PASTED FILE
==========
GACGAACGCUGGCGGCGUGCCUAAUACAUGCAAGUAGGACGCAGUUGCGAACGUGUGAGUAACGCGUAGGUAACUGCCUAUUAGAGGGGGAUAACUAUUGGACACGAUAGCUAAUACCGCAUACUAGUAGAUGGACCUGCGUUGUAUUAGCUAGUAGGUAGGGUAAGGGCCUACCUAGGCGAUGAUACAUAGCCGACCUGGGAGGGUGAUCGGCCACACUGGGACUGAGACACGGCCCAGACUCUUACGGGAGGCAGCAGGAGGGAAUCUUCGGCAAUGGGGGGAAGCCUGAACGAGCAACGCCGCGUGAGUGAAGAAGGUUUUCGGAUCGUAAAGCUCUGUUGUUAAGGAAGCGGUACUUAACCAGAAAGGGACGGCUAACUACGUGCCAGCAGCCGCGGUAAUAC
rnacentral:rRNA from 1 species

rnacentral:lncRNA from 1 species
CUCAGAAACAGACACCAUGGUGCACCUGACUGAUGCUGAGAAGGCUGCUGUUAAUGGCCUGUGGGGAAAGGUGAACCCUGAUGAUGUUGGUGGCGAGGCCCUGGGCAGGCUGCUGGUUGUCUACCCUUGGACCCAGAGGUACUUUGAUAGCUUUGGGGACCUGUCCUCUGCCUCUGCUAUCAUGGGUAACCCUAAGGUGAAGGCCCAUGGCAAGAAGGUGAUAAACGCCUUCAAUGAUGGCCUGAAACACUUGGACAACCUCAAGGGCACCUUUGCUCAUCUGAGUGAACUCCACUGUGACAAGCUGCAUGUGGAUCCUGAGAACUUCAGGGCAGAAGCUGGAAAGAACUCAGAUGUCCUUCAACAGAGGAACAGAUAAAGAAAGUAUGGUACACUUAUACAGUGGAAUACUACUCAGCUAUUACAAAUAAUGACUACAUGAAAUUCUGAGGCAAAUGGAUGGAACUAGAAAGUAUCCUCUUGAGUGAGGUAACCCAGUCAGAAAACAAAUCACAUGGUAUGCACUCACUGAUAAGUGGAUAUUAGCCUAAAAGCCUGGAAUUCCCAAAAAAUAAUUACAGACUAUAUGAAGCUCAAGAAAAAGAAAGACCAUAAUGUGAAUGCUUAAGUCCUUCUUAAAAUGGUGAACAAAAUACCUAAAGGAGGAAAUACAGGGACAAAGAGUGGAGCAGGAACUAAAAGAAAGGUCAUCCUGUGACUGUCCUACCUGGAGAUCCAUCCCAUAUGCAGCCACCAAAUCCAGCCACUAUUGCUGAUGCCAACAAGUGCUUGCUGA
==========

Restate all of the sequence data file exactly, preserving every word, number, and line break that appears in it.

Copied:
GACGAACGCUGGCGGCGUGCCUAAUACAUGCAAGUAGGACGCAGUUGCGAACGUGUGAGUAACGCGUAGGUAACUGCCUAUUAGAGGGGGAUAACUAUUGGACACGAUAGCUAAUACCGCAUACUAGUAGAUGGACCUGCGUUGUAUUAGCUAGUAGGUAGGGUAAGGGCCUACCUAGGCGAUGAUACAUAGCCGACCUGGGAGGGUGAUCGGCCACACUGGGACUGAGACACGGCCCAGACUCUUACGGGAGGCAGCAGGAGGGAAUCUUCGGCAAUGGGGGGAAGCCUGAACGAGCAACGCCGCGUGAGUGAAGAAGGUUUUCGGAUCGUAAAGCUCUGUUGUUAAGGAAGCGGUACUUAACCAGAAAGGGACGGCUAACUACGUGCCAGCAGCCGCGGUAAUAC
rnacentral:rRNA from 1 species

rnacentral:lncRNA from 1 species
CUCAGAAACAGACACCAUGGUGCACCUGACUGAUGCUGAGAAGGCUGCUGUUAAUGGCCUGUGGGGAAAGGUGAACCCUGAUGAUGUUGGUGGCGAGGCCCUGGGCAGGCUGCUGGUUGUCUACCCUUGGACCCAGAGGUACUUUGAUAGCUUUGGGGACCUGUCCUCUGCCUCUGCUAUCAUGGGUAACCCUAAGGUGAAGGCCCAUGGCAAGAAGGUGAUAAACGCCUUCAAUGAUGGCCUGAAACACUUGGACAACCUCAAGGGCACCUUUGCUCAUCUGAGUGAACUCCACUGUGACAAGCUGCAUGUGGAUCCUGAGAACUUCAGGGCAGAAGCUGGAAAGAACUCAGAUGUCCUUCAACAGAGGAACAGAUAAAGAAAGUAUGGUACACUUAUACAGUGGAAUACUACUCAGCUAUUACAAAUAAUGACUACAUGAAAUUCUGAGGCAAAUGGAUGGAACUAGAAAGUAUCCUCUUGAGUGAGGUAACCCAGUCAGAAAACAAAUCACAUGGUAUGCACUCACUGAUAAGUGGAUAUUAGCCUAAAAGCCUGGAAUUCCCAAAAAAUAAUUACAGACUAUAUGAAGCUCAAGAAAAAGAAAGACCAUAAUGUGAAUGCUUAAGUCCUUCUUAAAAUGGUGAACAAAAUACCUAAAGGAGGAAAUACAGGGACAAAGAGUGGAGCAGGAACUAAAAGAAAGGUCAUCCUGUGACUGUCCUACCUGGAGAUCCAUCCCAUAUGCAGCCACCAAAUCCAGCCACUAUUGCUGAUGCCAACAAGUGCUUGCUGA